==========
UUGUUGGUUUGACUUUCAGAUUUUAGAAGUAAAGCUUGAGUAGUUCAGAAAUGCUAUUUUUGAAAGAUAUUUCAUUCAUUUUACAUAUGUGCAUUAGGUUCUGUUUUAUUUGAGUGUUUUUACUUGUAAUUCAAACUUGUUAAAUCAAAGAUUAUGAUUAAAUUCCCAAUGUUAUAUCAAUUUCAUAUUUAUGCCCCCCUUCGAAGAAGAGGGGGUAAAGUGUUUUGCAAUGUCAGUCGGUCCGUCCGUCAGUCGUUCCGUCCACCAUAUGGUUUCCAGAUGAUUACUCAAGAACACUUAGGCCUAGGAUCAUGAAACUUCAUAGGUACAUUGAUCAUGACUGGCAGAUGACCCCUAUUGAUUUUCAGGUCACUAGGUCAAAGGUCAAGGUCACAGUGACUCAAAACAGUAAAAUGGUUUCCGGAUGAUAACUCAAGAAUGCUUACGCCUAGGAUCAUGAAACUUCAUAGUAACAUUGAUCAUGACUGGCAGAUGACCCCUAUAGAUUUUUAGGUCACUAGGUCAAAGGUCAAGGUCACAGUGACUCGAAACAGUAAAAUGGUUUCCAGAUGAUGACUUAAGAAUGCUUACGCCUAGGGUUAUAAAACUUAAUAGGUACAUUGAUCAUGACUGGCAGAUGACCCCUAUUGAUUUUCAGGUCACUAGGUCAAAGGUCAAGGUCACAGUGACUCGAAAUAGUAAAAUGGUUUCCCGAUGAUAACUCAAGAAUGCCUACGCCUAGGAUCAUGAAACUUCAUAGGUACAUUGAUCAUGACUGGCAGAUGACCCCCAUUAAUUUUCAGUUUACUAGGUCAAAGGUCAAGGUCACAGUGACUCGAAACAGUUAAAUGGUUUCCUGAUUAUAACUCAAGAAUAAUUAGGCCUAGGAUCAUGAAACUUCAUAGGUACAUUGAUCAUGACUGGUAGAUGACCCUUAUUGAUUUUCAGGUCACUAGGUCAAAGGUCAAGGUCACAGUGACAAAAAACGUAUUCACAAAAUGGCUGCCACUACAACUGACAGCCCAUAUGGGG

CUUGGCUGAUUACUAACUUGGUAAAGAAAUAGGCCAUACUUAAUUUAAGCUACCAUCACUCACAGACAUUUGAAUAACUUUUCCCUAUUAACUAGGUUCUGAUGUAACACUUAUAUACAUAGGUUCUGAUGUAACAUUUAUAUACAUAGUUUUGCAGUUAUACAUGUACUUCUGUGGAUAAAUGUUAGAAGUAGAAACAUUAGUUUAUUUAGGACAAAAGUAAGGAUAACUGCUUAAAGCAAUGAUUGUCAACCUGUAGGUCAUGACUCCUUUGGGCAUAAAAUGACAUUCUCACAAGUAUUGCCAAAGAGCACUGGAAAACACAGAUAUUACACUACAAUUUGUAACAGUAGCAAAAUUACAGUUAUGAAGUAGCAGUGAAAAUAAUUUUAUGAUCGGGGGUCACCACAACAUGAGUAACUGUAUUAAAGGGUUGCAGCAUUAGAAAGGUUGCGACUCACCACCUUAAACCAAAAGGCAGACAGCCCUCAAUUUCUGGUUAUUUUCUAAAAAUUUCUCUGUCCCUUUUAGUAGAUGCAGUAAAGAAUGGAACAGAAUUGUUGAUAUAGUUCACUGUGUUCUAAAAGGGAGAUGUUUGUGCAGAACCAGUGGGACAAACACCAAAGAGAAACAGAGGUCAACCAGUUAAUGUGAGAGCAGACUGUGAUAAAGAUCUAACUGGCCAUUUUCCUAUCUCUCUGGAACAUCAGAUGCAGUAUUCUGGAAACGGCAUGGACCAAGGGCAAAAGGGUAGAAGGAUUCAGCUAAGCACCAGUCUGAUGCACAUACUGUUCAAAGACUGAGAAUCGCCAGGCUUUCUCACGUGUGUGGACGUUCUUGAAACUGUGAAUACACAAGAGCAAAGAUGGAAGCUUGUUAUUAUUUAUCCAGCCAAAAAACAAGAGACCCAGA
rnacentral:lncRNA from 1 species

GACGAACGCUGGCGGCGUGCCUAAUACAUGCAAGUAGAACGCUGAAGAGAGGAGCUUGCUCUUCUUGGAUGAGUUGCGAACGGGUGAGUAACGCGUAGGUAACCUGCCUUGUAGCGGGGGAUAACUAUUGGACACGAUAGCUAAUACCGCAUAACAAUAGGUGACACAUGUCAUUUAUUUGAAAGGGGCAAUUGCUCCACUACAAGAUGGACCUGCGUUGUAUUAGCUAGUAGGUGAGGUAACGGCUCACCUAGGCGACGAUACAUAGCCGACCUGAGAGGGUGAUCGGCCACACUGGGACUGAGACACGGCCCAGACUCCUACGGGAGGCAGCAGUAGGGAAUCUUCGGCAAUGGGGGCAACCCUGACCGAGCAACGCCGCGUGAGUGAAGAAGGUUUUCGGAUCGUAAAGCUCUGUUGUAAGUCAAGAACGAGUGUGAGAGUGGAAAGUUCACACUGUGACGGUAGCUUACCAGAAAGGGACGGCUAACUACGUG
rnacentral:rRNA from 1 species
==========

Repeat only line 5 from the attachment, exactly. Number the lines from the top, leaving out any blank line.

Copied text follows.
rnacentral:rRNA from 1 species